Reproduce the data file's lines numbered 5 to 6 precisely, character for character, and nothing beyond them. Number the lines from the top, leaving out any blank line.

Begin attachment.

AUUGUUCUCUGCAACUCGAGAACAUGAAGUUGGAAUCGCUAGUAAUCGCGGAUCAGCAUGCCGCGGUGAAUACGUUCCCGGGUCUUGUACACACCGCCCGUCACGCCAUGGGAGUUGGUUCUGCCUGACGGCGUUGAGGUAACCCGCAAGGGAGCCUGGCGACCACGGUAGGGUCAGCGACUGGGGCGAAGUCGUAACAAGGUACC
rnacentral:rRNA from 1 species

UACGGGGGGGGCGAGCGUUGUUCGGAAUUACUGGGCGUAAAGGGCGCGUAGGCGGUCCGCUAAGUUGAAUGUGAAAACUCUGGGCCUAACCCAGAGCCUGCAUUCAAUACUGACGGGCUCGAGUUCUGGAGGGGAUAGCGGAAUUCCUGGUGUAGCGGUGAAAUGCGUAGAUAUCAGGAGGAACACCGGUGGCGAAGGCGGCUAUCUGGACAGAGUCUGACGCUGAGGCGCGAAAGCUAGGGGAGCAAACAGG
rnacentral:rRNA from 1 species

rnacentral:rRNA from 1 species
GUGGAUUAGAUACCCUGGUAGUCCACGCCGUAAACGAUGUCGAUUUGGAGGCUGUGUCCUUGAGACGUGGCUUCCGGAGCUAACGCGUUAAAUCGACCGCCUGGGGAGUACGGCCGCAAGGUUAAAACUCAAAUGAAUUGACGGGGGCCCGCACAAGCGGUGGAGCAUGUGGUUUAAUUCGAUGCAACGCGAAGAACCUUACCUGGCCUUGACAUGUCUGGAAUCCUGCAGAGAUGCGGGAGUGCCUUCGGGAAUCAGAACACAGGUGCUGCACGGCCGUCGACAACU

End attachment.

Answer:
rnacentral:rRNA from 1 species
GUGGAUUAGAUACCCUGGUAGUCCACGCCGUAAACGAUGUCGAUUUGGAGGCUGUGUCCUUGAGACGUGGCUUCCGGAGCUAACGCGUUAAAUCGACCGCCUGGGGAGUACGGCCGCAAGGUUAAAACUCAAAUGAAUUGACGGGGGCCCGCACAAGCGGUGGAGCAUGUGGUUUAAUUCGAUGCAACGCGAAGAACCUUACCUGGCCUUGACAUGUCUGGAAUCCUGCAGAGAUGCGGGAGUGCCUUCGGGAAUCAGAACACAGGUGCUGCACGGCCGUCGACAACU